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Android tops 2016 vulnerability list - security industry says "meh!"

By Davey Winder for PC & Tech AuthorityMonday, January 9, 2017

The Common Vulnerabilities and Exposures (CVE) statistics for 2016 are in and it doesn't make great reading for Google. Or does it? Davey Winder runs the numbers.

Android tops the CVE charts for most insecure product (ahead of Debian, Ubuntu and Adobe Flash) and Google comes second (behind Oracle but ahead of both Adobe and Microsoft) in the insecure vendor listings.

That's according to a summation of the stats for 2016.

If we dig a little deeper than the headline figures, and take the last couple of years into account, things don't get any the rosier for Google. Both Apple products, and Apple as a vendor, have become ‘more secure' over time using this metric whereas Google has gone in the opposite direction.

Measuring security by the number of distinct vulnerabilities disclosed across the year, however, is not really an accurate metric. We asked the IT security industry what it made of the numbers, and the ‘face value' headlines they have generated.

Ian Trump, global cyber security strategist for SolarWinds, was of the opinion that “the CVE numbers speak the truth” and “Android will always remain a security concern for Google”.

He went on to insist that there's little financial incentive for Google to improve the security of Android, and he wouldn't be surprised if Android was spun off from Google parent company Alphabet in the next few years.

Most everyone else disagreed, however. Take Craig Young, a security researcher at Tripwire, who said that “counting CVEs to gauge relative security levels is a fundamentally flawed practice”, adding it is “discredited by many in the industry including some of the engineers responsible for creating the CVE numbering system”.

Stephen Gates, chief research intelligence analyst at NSFOCUS, agrees. He told us that “just because a vendor has a high number of known vulnerabilities, does not mean they have inferior products”. A more meaningful metric, he suggested, would be the how quickly patches were issued.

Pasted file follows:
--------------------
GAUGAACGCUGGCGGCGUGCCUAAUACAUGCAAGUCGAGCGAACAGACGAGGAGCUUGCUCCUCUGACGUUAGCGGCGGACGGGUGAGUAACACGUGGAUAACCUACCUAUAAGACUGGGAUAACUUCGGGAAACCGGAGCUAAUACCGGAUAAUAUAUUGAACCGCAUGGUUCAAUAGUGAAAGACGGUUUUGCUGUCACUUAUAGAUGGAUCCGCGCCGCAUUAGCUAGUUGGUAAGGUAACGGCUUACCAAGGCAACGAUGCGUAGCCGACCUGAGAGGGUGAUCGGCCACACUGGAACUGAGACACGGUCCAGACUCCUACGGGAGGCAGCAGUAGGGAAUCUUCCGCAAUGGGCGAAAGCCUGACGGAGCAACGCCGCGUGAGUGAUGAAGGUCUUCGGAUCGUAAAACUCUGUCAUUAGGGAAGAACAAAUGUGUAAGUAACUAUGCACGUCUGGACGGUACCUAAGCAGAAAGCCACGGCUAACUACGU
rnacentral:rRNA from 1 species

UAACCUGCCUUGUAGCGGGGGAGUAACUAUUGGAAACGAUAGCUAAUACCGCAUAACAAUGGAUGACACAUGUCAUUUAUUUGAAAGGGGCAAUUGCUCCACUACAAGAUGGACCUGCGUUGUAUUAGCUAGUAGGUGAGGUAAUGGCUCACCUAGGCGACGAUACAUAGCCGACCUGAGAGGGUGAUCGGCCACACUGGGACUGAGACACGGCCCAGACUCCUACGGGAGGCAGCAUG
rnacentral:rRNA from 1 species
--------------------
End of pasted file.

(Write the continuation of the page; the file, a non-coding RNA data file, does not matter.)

Another nail in the coffin of the CVE charts as a measure of insecurity was hammered home by Jonathan Couch, SVP of Strategy at ThreatQuotient, who in conversation insisted that the real tell for these stats is “how many vulnerabilities were leveraged as actual exploits in the wild”.

After all, if the bad guys can't leverage a vulnerability to steal data, for financial or political gain, then it really doesn't matter much in the real world. Consider that Android vulnerabilities tend to require a malicious application to get into the official app store, past the checks that are made, and then for users to download and execute them. This exploit execution simply doesn't happen for most such vulnerabilities.

Then there's the open source factor to consider. Lawrence Munro, senior director of SpiderLabs EMEA at Trustwave, points out that “the approach of open source vs. closed source (Android (ASOP) vs. Apple iOS for example) influences the number of bug discoveries, as there's more to work with when you have the source code".

And, as High-Tech Bridge CEO Ilia Kolochenko adds, “Android is an open source, very popular, emerging and developing product, it's totally normal that new vulnerabilities are regularly discovered.

Indeed, open source projects will always get more bugs reported courtesy of many more eyes on the code. Read Full Article

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